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The New Lifetime Gifting Rules For The Next Two Years Can Really Help Family Businesses

The new tax law signed by the President in December gives the owners of Family Businesses probably the biggest tax break to come along in many years.

 

That break is the lifetime gift tax exemption, now $5 million, for next two years (2011 & 2012); or $10 million for a married couple. 

 

While the estate tax exemption amount has been increasing year to year, the lifetime gift exemption had stayed at $1 million over the past 10 years.

 

If the current law "sunsets" on December 31, 2012 as it is scheduled to do, then the lifetime gift exclusion amount and the estate tax exemption will both go back to $1 million.

 

Even if you had previously used up your $1 million lifetime gift tax exemption, now you shift an additional $4 million out of your estates.

 

This two year window allows the owners of family businesses to transfer the stock in their closely held companies to the children or other family members and reduce the size of their estates, all tax free.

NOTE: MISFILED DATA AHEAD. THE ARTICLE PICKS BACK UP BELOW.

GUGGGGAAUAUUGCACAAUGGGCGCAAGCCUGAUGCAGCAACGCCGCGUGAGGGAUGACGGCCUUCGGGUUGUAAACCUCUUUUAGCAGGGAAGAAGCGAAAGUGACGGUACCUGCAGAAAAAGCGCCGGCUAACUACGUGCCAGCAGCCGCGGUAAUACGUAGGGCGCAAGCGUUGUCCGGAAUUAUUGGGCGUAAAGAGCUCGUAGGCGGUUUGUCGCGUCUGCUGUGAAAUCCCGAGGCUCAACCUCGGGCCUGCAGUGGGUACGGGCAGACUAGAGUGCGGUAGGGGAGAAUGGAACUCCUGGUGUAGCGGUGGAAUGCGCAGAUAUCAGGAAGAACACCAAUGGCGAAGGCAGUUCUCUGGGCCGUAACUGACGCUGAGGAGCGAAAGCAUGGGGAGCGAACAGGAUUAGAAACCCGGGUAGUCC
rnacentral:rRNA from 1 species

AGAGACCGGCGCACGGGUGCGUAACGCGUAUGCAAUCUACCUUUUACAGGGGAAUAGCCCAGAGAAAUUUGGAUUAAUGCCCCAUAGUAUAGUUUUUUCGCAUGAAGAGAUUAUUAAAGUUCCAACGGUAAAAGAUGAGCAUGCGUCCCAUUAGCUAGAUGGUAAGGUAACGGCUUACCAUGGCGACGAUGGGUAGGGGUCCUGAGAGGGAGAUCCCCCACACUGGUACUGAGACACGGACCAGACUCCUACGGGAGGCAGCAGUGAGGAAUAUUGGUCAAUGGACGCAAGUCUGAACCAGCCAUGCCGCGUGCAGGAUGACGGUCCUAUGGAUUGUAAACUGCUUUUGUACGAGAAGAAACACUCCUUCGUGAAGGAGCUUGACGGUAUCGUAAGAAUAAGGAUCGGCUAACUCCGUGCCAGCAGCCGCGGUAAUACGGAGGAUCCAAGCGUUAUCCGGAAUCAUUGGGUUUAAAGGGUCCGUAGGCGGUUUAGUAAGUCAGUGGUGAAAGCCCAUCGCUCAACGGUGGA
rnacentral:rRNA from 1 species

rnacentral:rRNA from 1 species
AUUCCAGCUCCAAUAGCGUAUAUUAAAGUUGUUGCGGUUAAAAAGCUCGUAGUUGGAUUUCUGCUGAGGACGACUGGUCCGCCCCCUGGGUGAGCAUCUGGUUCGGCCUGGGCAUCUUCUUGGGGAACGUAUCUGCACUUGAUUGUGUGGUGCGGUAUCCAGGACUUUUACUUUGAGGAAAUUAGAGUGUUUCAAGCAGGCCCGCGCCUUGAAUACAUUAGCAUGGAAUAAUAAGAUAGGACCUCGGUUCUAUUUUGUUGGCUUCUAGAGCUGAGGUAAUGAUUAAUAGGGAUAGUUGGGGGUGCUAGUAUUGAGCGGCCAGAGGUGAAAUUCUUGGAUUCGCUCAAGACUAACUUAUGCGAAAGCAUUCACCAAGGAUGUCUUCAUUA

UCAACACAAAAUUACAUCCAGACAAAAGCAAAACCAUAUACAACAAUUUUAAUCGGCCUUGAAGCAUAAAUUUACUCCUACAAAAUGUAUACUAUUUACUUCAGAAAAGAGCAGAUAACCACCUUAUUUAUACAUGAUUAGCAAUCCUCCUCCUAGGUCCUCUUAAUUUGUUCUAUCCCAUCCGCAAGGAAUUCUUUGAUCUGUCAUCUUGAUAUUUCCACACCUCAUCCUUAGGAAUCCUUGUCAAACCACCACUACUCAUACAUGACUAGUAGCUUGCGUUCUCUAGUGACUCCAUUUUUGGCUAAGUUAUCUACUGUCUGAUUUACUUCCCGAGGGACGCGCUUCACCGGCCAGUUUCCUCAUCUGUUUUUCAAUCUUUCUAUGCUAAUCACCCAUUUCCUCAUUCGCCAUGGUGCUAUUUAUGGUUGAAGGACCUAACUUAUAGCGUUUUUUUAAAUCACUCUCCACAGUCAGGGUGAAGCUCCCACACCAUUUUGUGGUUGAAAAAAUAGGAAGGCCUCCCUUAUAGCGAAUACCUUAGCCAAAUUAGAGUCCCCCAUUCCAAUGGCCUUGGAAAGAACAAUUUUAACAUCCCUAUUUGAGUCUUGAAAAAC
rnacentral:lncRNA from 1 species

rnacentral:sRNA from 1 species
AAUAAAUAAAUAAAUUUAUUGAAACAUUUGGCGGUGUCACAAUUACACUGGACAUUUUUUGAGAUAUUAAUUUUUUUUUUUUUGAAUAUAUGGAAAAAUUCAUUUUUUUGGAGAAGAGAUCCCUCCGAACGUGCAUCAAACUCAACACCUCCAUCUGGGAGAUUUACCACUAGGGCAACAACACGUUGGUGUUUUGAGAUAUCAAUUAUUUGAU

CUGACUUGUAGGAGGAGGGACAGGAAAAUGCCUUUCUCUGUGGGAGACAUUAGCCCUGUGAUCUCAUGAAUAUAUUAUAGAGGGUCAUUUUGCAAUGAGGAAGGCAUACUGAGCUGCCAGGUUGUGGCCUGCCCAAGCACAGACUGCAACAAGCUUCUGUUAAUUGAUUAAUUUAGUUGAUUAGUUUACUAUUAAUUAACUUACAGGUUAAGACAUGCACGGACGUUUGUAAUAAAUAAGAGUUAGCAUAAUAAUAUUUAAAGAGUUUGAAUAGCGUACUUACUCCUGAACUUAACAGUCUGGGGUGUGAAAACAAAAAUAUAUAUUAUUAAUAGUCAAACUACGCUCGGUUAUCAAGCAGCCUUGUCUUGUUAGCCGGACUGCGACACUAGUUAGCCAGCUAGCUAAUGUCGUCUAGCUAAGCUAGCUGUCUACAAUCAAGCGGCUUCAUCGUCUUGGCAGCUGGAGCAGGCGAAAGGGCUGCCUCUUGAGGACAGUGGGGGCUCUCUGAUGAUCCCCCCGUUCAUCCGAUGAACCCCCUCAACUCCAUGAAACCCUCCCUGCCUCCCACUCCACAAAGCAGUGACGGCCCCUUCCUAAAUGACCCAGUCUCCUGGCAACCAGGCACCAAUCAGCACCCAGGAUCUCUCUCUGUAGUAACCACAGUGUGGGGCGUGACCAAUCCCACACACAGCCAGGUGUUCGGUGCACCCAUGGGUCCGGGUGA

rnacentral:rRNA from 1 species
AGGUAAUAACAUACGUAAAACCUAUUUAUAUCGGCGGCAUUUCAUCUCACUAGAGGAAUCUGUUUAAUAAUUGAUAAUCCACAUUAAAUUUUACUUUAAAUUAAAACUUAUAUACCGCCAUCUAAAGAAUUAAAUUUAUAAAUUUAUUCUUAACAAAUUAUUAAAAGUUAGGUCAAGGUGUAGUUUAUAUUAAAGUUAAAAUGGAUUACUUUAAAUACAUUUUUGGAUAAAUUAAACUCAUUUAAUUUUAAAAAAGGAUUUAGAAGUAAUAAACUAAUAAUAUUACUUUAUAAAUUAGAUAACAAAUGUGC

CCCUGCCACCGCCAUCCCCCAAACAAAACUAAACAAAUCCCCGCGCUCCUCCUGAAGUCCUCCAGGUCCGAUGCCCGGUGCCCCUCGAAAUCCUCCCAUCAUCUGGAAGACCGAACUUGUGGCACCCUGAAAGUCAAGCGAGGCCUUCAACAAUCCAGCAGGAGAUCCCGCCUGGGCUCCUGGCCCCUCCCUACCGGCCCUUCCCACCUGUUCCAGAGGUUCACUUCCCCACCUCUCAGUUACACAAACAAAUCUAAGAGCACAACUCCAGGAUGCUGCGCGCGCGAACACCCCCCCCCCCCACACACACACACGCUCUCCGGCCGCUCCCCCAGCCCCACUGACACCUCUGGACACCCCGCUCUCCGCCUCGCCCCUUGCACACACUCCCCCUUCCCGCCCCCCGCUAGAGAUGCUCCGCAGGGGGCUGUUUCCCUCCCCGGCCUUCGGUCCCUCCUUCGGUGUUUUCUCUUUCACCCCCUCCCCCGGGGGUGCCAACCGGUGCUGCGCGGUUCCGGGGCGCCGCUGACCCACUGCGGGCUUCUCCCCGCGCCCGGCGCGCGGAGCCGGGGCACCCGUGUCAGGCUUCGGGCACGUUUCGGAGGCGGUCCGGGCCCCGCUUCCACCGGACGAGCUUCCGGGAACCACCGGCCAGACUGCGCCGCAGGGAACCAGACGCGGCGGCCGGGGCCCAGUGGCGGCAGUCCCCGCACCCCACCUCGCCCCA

This strategy raises difficult questions for those now in charge as to how to maintain control and/or a stream of income from the company they currently work in and manage.  How do they protect their interests and maintain their retirement while passing wealth down to the family?

 

Experienced estate planning lawyers can develop "salary continuation plans", "consulting agreements", and other legal mechanisms to protect the owner's  financial stake in the company.

 

Other difficult decisions include how to treat other beneficiaries fairly when only one of the beneficiaries is going to eventually lead the business.

 

This may mean an amendment of the estate plan.  The timing, nature and size of the gifts have to be considered in the context of the overall estate plan.

 

Consult with your estate planning attorney before making any type of gift transfer.

TOMPKINS-LAW.COM

 

Dwight Edward Tompkins

Attorney at Law

 

This blog is intended for informational purposes only and is not intended as a substitute for legal advice from a qualified estate planning attorney in your jurisdiction.


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